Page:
He ignores the fact that pretty much every participant in the 2002 infractions case was wholly cooperative with the NCAA and, by the NCAA’s own measure, did everything they could have to prevent this.

Then you have this:

my family and I spend Christmas Eve in Alabama annually, so I know this is a sore subject among the Crimson Tide faithful

Miller is, by all accounts, one of ESPN’s PAC-10 writer, yet he has to listen to SEC fans trumpet the obvious superiority of the conference every year on vacation.

Think he might be a little biased?

UPDATE III: OTS joins in as well:

I  will add, though that I do find it odd that people are seemingly so fixated on the Bush and Mayo allegations, apparently convincing themselves that those allegations constitute the entire case.

I find that ridiculous. The NCAA has conducted a thorough investigation into both the USC football and basketball programs, and that investigation has spanned several years now. We know of Bush and Mayo, of course, but they could have easily uncovered a lot of things that we have no clue about now. They operate under a veil of secrecy — which is only provided even further cover when you are dealing with a private institution exempt from FOI laws — and it’s very common to have surprises when the NCAA COI releases its ruling.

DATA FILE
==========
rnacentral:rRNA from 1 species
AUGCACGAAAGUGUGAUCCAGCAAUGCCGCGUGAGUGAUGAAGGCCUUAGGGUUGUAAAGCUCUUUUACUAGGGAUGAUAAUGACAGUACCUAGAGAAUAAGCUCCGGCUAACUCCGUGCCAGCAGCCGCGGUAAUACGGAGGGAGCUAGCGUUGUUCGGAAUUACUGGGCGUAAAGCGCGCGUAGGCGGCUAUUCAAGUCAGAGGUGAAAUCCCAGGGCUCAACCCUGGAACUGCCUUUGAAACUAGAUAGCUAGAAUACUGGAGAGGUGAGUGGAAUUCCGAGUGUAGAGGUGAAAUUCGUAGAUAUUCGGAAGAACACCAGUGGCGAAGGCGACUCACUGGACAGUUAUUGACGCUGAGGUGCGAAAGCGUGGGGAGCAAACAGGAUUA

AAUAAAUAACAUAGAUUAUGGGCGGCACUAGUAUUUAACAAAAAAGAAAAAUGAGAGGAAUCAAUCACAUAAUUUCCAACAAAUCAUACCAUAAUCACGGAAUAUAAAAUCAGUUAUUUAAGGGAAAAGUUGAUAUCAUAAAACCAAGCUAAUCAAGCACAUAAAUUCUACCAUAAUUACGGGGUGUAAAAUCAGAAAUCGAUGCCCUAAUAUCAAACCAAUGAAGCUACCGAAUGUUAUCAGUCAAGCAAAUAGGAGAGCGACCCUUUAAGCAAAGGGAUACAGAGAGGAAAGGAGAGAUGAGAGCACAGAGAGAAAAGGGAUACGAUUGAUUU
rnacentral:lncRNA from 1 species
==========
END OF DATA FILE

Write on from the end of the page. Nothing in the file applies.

No one at Alabama was thinking of Gene Jelks during most of the Langham affair, nor did anyone mention Kenny Smith during the peak of the Albert Means rumors, and no one realized that the textbook scandal was both a football problem and that it did involve large sums of money. And we are a public institution, yet we were effectively in the dark on all of that. But guess what?

The point is that the NCAA, in the course of their investigation, could have found countless violations that we are completely unaware of. Perhaps that is not the case, of course, but it is possible, and at the very least this off-hand notion that this is just a Bush / Mayo scandal is clearly erroneous.

Update IV: OTS chimes in again: